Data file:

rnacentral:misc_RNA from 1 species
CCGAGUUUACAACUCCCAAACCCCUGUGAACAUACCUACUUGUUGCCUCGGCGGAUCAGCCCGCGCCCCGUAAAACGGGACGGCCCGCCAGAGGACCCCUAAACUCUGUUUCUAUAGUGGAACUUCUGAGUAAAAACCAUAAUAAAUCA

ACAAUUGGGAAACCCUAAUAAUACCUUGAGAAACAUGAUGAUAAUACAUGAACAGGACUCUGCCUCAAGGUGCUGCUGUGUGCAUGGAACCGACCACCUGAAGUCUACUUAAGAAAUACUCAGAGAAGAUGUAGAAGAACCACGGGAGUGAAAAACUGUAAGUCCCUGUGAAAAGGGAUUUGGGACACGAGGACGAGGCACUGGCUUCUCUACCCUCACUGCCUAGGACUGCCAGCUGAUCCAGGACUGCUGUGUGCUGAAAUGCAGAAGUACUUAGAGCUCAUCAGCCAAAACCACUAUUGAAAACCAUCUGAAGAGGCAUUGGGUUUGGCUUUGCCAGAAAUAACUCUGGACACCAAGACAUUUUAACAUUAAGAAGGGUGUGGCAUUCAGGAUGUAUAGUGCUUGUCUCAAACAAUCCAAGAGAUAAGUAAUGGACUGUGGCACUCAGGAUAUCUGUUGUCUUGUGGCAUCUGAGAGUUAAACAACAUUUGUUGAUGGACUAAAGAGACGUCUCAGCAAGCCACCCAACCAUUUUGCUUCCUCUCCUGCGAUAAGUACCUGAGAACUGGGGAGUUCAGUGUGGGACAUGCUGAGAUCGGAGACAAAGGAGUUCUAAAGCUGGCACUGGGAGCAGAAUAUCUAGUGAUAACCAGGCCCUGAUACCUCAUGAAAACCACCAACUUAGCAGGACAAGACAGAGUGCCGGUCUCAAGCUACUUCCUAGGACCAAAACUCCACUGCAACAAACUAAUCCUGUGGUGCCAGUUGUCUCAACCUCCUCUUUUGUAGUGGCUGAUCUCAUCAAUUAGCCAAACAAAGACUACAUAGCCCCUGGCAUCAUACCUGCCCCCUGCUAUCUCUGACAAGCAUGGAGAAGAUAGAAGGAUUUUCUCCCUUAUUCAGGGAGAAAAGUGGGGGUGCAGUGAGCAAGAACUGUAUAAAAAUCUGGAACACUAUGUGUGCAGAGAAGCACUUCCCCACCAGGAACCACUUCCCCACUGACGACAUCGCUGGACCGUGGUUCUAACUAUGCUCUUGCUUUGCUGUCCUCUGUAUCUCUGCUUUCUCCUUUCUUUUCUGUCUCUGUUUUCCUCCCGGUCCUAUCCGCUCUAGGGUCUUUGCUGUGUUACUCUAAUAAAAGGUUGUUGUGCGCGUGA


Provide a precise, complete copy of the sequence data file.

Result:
rnacentral:misc_RNA from 1 species
CCGAGUUUACAACUCCCAAACCCCUGUGAACAUACCUACUUGUUGCCUCGGCGGAUCAGCCCGCGCCCCGUAAAACGGGACGGCCCGCCAGAGGACCCCUAAACUCUGUUUCUAUAGUGGAACUUCUGAGUAAAAACCAUAAUAAAUCA

ACAAUUGGGAAACCCUAAUAAUACCUUGAGAAACAUGAUGAUAAUACAUGAACAGGACUCUGCCUCAAGGUGCUGCUGUGUGCAUGGAACCGACCACCUGAAGUCUACUUAAGAAAUACUCAGAGAAGAUGUAGAAGAACCACGGGAGUGAAAAACUGUAAGUCCCUGUGAAAAGGGAUUUGGGACACGAGGACGAGGCACUGGCUUCUCUACCCUCACUGCCUAGGACUGCCAGCUGAUCCAGGACUGCUGUGUGCUGAAAUGCAGAAGUACUUAGAGCUCAUCAGCCAAAACCACUAUUGAAAACCAUCUGAAGAGGCAUUGGGUUUGGCUUUGCCAGAAAUAACUCUGGACACCAAGACAUUUUAACAUUAAGAAGGGUGUGGCAUUCAGGAUGUAUAGUGCUUGUCUCAAACAAUCCAAGAGAUAAGUAAUGGACUGUGGCACUCAGGAUAUCUGUUGUCUUGUGGCAUCUGAGAGUUAAACAACAUUUGUUGAUGGACUAAAGAGACGUCUCAGCAAGCCACCCAACCAUUUUGCUUCCUCUCCUGCGAUAAGUACCUGAGAACUGGGGAGUUCAGUGUGGGACAUGCUGAGAUCGGAGACAAAGGAGUUCUAAAGCUGGCACUGGGAGCAGAAUAUCUAGUGAUAACCAGGCCCUGAUACCUCAUGAAAACCACCAACUUAGCAGGACAAGACAGAGUGCCGGUCUCAAGCUACUUCCUAGGACCAAAACUCCACUGCAACAAACUAAUCCUGUGGUGCCAGUUGUCUCAACCUCCUCUUUUGUAGUGGCUGAUCUCAUCAAUUAGCCAAACAAAGACUACAUAGCCCCUGGCAUCAUACCUGCCCCCUGCUAUCUCUGACAAGCAUGGAGAAGAUAGAAGGAUUUUCUCCCUUAUUCAGGGAGAAAAGUGGGGGUGCAGUGAGCAAGAACUGUAUAAAAAUCUGGAACACUAUGUGUGCAGAGAAGCACUUCCCCACCAGGAACCACUUCCCCACUGACGACAUCGCUGGACCGUGGUUCUAACUAUGCUCUUGCUUUGCUGUCCUCUGUAUCUCUGCUUUCUCCUUUCUUUUCUGUCUCUGUUUUCCUCCCGGUCCUAUCCGCUCUAGGGUCUUUGCUGUGUUACUCUAAUAAAAGGUUGUUGUGCGCGUGA